Please use this identifier to cite or link to this item: http://hdl.handle.net/1893/16041
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dc.contributor.authorMilner, Victoria S-
dc.contributor.authorGilvear, David-
dc.contributor.authorWillby, Nigel-
dc.date.accessioned2013-07-31T23:17:46Z-
dc.date.issued2013-02-
dc.identifier.urihttp://hdl.handle.net/1893/16041-
dc.description.abstractRiver classification is a useful tool for researchers and managers wishing to organise, to simplify and to understand the forms and processes within freshwater systems. Many classifications require surveyors to classify reaches into specific channel types in a field environment. Channel types should be identifiable on the basis of a field surveyor's judgement of channel characteristics and landscape settings; these include channel planform, valley confinement, dominant bed material and/or instream geomorphic features (e.g. gravel bars). An accurate classification of reaches into the correct channel type is important to ensure consistency in management strategies and to assess the impact of engineering activities on the physical and ecological status of rivers. In this article, we examine the variation in professional judgement of geomorphologically based channel types by scientists with different disciplinary backgrounds and varying levels of involvement in classification systems using a photo-questionnaire. Results indicate that there can be a large level of discrepancy in typing rivers; the choice of the modal channel type for each reach varied between 25.9% and 75.1% of the respondent selections. There were also differences in the level of agreement between earth scientists (with hydrogeomorphological or geological training), ecological scientists (with freshwater biology training) and practitioners involved in river conservation and management. A high level of experience in classification systems translates to a lower number of channel types being chosen per reach. In response to these results, the use of a photographic approach to typing needs to be fully tested and users fully trained before operational use. Furthermore, we advocate that designers of geomorphic typologies should aim to have a representative and workable number of classes within a typology with an emphasis for rationalisation of classes rather than expansion of numbers.en_UK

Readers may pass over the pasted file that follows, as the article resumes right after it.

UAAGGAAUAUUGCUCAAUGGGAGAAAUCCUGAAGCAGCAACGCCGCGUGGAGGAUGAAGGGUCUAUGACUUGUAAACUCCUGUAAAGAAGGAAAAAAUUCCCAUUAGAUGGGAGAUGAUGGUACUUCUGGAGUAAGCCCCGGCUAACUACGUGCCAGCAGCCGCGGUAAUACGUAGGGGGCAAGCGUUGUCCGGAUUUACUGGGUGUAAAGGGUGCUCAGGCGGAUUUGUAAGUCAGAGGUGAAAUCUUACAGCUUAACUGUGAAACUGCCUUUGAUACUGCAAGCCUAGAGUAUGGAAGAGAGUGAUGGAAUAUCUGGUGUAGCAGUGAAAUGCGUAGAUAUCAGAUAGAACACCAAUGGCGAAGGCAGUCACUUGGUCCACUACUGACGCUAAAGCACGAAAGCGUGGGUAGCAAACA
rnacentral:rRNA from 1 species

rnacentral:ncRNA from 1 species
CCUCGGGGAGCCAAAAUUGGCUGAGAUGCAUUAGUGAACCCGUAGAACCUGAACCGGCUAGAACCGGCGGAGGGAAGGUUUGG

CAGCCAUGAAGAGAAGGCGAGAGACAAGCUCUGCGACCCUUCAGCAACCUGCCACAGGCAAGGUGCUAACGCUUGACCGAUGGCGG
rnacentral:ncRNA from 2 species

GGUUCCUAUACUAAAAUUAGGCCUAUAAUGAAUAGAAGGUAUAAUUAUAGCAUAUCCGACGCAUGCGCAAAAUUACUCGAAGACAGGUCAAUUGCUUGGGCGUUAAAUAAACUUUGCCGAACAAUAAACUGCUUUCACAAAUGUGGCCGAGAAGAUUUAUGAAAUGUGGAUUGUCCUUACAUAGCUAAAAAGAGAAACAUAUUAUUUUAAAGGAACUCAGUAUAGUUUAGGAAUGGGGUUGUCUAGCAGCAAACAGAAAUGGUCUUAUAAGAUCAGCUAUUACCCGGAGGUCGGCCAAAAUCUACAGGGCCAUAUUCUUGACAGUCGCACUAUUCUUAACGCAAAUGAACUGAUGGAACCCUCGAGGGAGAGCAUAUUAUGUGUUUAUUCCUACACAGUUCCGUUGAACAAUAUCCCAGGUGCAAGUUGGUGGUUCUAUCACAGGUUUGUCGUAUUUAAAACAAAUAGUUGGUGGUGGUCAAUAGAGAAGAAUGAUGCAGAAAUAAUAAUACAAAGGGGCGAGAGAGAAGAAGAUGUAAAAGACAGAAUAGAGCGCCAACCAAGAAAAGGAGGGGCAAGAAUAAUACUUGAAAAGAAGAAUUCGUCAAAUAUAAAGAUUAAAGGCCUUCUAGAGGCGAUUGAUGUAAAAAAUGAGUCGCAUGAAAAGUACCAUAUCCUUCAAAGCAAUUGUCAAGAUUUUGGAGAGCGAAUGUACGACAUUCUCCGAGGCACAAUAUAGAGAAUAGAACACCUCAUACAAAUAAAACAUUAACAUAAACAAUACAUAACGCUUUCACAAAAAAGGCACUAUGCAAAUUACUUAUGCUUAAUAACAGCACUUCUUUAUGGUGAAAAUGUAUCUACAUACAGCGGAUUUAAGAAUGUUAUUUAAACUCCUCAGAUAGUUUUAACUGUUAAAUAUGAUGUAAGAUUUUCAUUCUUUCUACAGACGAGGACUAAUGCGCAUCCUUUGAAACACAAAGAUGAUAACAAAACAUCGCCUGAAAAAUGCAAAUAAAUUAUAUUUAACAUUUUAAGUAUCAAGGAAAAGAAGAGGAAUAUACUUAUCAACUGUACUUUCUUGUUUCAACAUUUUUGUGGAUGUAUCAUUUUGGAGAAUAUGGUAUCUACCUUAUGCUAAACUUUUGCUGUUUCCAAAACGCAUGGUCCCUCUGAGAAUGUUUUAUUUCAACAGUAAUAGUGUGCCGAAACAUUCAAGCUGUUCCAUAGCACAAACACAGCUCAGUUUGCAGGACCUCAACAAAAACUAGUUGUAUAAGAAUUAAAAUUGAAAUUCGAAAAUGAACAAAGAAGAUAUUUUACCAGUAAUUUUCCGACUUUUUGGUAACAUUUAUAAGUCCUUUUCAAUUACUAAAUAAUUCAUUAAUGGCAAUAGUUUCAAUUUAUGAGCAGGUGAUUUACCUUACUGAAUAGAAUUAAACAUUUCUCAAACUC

dc.language.isoen-
dc.publisherWiley-Blackwell-
dc.relationMilner VS, Gilvear D & Willby N (2013) An assessment of variants in the professional judgement of geomorphologically based channel types, River Research and Applications, 29 (2), pp. 236-249.-
dc.rightsThe publisher does not allow this work to be made publicly available in this Repository. Please use the Request a Copy feature at the foot of the Repository record to request a copy directly from the author. You can only request a copy if you wish to use this work for your own research or private study.-
dc.subjectchannel typeen_UK
dc.subjectprofessional judgementen_UK
dc.subjectriver classificationsen_UK
dc.subjectriver typologiesen_UK
dc.subjectchannel morphologyen_UK
dc.titleAn assessment of variants in the professional judgement of geomorphologically based channel typesen_UK
dc.typeJournal Articleen_UK
dc.rights.embargodate2999-12-31T00:00:00Z-
dc.rights.embargoreasonThe publisher does not allow this work to be made publicly available in this Repository therefore there is an embargo on the full text of the work.-
dc.identifier.doihttp://dx.doi.org/10.1002/rra.1593-
dc.citation.jtitleRiver Research and Applications-
dc.citation.issn1535-1459-
dc.citation.volume29-
dc.citation.issue2-
dc.citation.spage236-
dc.citation.epage249-
dc.citation.publicationstatusPublished-
dc.citation.peerreviewedRefereed-
dc.type.statusPublisher version (final published refereed version)-
dc.author.emaild.j.gilvear@stir.ac.uk-
dc.contributor.affiliationUniversity of Worcester-
dc.contributor.affiliationBiological and Environmental Sciences-
dc.contributor.affiliationBiological and Environmental Sciences-
dc.rights.embargoterms2999-12-31-
dc.rights.embargoliftdate2999-12-31-
dc.identifier.isi000314712700009-
Appears in Collections:Biological and Environmental Sciences Journal Articles

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